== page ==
Reader Ignores Quotation Marks

The Problem Looks Like…

A reader ignores quotation marks and has no understanding of what they mean. Comprehension is affected because dialogue is read as narrative.

How to…

Teach readers to understand and use quotation marks to improve comprehension and fluency.

It’s Related to…

Need for Close Attention & Flexibility

Many variations of quotation marks in text create an added burden for the novice reader. New readers require flexibility in recognition. Teachers should expose new readers to multiple forms and teach use of quotation marks through modeling and discussion.

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Additionally, quotation marks are small and associated with other forms of punctuation such as comma and apostrophe. Consider this quote from “Owl at Home” by Arnold Lobel.

“You must go, Winter!” shouted Owl.

The additional punctuation marks, comma and exclamation point, are very difficult for the novice. The additional punctuation marks can be distractions and confusions.

In the children’s book “Turn the Page…It’s Fun!: A Concepts of Print Story” by Connie Dickison, quotation marks are described in kid language.

“Quotation marks are two on each side. Read in between and the talkers can’t hide.”

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Need for Residual Processing Power

Often, for new readers, processing power is nearly consumed by decoding and comprehension.  Little processing power is left to notice and use quotation marks. Children with attention deficits take a particularly long time to master the use of quotation marks.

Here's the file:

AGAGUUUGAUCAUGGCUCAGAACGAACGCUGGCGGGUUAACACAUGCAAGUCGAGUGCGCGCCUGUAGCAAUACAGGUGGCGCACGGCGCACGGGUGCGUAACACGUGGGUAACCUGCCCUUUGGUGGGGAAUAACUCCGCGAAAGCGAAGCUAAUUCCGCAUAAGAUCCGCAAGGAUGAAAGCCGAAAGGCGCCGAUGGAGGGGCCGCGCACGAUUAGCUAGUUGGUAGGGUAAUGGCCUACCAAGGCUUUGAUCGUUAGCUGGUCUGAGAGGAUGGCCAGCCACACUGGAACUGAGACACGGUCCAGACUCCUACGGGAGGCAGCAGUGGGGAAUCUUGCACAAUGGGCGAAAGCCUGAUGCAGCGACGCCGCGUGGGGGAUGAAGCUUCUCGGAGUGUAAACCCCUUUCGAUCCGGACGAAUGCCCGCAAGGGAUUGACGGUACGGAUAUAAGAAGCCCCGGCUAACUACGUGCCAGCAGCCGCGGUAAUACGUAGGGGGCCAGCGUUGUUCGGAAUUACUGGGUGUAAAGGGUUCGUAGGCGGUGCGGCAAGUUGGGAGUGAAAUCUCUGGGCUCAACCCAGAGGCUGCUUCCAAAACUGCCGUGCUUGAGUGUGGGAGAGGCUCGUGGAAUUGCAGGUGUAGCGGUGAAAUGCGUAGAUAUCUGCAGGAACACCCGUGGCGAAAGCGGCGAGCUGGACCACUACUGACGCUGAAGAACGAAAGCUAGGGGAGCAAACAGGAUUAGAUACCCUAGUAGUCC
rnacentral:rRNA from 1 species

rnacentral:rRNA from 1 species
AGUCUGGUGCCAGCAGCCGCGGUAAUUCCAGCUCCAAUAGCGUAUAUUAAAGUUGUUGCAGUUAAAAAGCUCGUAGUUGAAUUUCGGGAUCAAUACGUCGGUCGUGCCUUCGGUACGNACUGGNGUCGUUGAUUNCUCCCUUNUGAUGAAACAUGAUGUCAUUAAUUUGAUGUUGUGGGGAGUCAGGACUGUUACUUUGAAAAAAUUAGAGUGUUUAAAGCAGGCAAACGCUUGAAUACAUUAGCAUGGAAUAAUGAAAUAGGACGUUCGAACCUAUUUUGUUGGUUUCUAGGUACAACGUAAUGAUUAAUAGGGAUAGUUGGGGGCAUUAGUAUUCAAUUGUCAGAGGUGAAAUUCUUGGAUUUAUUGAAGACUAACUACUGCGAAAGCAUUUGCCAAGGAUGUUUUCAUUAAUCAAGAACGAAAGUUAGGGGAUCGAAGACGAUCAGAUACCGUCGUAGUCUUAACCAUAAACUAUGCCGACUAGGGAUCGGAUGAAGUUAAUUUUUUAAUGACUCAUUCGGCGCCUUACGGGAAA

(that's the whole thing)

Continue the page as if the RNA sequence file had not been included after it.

A change of prosody is required in order for the quote to make sense within the context of the sentence. The use of voice inflection is an added burden to the already heavily utilized processing power of the new reader.

A Split Quote

When a quote is broken in the middle, like this example from “Owl at Home” by Arnold Lobel, a new reader needs explicit modeling and explanation.

”Good-bye,” called Owl, “and do not come back!”

The teacher’s instruction can go as follows:

·       Read with a rise in pitch at “bye,” and “back!”

·       Read with a drop in pitch at “called Owl,”

·       The exact words of the speaker are “Good-bye and do not come back!”

·       The part that identifies the speaker is “Owl”.

·       The part that tells how the speaker said it is “called” and “!”.

In the children’s book “Turn the Page…It’s Fun!: A Concepts of Print Story” by Connie Dickison, readers are instructed.

“Your voice makes it sound alive.”

When new readers struggle with this heavy processing load, one solution is to wait until the reader’s ability to decode has improved or better yet, practice the use of quotes using an easy, independent level text where less processing power is required for decoding, leaving the attention to be placed on the use of quotation marks.

Need for Higher Level Comprehension

·       Quotation marks are difficult to master, however they are essential punctuation for moving a story line quickly and efficiently. Conversation is familiar and frequent in real life and adds authenticity to stories. Quotes portray character traits and intensity of plot.

·       Comprehension is a complex, in the head, nearly unobservable activity. However, when a reader uses quotation marks correctly, it is outward evidence that comprehension may be taking place. If there is little or no comprehension, the reader will not be able to adjust their voice inflection. Essentially, the quote will take them by surprise.

·       Awareness that conversation could be present, in this particular text, at this particular time, requires significant attention to print, comprehension and processing power. The cognitive load cannot be underestimated. Adjust expectations and instruction to accommodate the added burden associated with quotation marks.

Now That’s Better…

Readers recognize the various forms of quotation marks. They do not confuse commas and apostrophe with quotation marks. They understand that a quote is the characters actual words. Readers can use appropriate expression while reading a quote and split quotes do not interfere with fluency. Reader comprehension improves by understanding dialogue.